FSU received the second-highest score for black student equity among 506 public four-year universities across the United States.
The ranking comes from a study that was released by the University of Southern California (USC)’s Race and Equity Center on Sept. 24.
Schools included in the study, as well as all 50 states, were given “GPA-style grades [as] a way to ascribe value and accountability to data,” according to Shaun Harper, the center’s director.
FSU was given a score of 3.25, equivalent to an “A” grade. The highest equity score in the study was 3.50, given to Massachusetts College of Liberal Arts and two other schools – the University of California-Fresno and the University of Louisville.
Among all the states, Massachusetts scored the highest, with a score of 2.81. The lowest-scoring state was Louisiana at 1.18.
According to the report, the four “equity indicators” against which the schools were judged consisted of representation equity, gender equity, completion equity, and the black-student-to-black-faculty ratio. Harper said he used federal data in order to conduct the study.
Representation equity compares the institution’s population of black students to the black population aged 18-24 in the state in which the institution is located.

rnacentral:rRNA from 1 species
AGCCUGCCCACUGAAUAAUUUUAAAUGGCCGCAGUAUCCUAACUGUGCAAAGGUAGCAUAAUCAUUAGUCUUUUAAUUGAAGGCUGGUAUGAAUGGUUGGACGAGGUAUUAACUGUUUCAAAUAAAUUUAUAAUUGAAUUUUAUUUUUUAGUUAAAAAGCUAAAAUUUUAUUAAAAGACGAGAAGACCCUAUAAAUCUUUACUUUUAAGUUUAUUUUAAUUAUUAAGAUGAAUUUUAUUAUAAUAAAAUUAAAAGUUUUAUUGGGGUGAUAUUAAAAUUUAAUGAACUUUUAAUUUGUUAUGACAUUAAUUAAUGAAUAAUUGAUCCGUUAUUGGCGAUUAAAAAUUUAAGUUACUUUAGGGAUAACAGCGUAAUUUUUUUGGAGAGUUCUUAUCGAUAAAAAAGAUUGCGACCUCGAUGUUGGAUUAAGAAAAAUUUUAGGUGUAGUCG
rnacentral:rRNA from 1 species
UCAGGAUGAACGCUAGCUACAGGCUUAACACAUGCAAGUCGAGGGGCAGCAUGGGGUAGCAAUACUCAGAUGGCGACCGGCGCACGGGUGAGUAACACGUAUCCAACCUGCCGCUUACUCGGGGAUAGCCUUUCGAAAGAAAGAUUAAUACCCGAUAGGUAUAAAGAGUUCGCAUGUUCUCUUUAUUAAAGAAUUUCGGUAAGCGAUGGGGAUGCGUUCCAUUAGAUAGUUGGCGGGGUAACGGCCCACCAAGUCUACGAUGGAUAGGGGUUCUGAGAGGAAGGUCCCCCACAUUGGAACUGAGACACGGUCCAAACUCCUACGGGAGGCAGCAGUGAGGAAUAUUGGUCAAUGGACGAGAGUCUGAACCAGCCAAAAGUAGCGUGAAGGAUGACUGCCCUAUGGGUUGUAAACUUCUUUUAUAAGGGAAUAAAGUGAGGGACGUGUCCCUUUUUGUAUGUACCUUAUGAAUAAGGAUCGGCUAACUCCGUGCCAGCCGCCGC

Millie González, interim chief officer of diversity, inclusion, and community engagement, said she was proud to see FSU received this distinction.
González said “numbers matter” when it comes to measuring diversity, and that it is an “intentional process” to increase the number of black students, faculty, and staff on campus.
“Low numbers do not equate to a diverse campus, and can also equate to problems on campus,” she added.
FSU President F. Javier Cevallos said, “I think we have accomplished a lot, but there is a lot more to be done. We are still working to further diversify our faculty so that it is more representative of our student body. We have recently begun requiring job applicants to include a diversity statement when applying, and we also developed a diversity fellowship program for faculty.”
He added, “We’ve also taken important steps to diversify the curriculum, but that is an area we continue to work on.”
One of USC’s Race and Equity Center’s missions is to prevent “racial crises” on college campuses, said Harper. He cited the riots in Charlottesville, as well as the tension of the current political climate, as factors that contribute to an environment where white supremacy thrives.
Harper said he thinks communities must be “reflective” and constantly criticize any implicit biases they might hold.
In the wake of a series of racial hate crimes at FSU last year, González wants to “keep the conversation going” and also provide spaces in which community members can freely talk about sensitive issues.
Cevallos said, “Unfortunately, prejudice and biases exist and are the result of ignorance and fear. Our role is to educate everyone so that we learn to value, respect and appreciate every single member of our FRAMily.”
Tajianna Ledford, a sophomore and member of M.I.S.S., said, “I don’t believe the school is serving black students well.”
She added, “I feel like this is why we have groups like M.I.S.S. and BSU for the empowerment of black students or other races. It’s sad that when the racist situation happened last year it was students who had to do the job of a faculty [member] or dean.”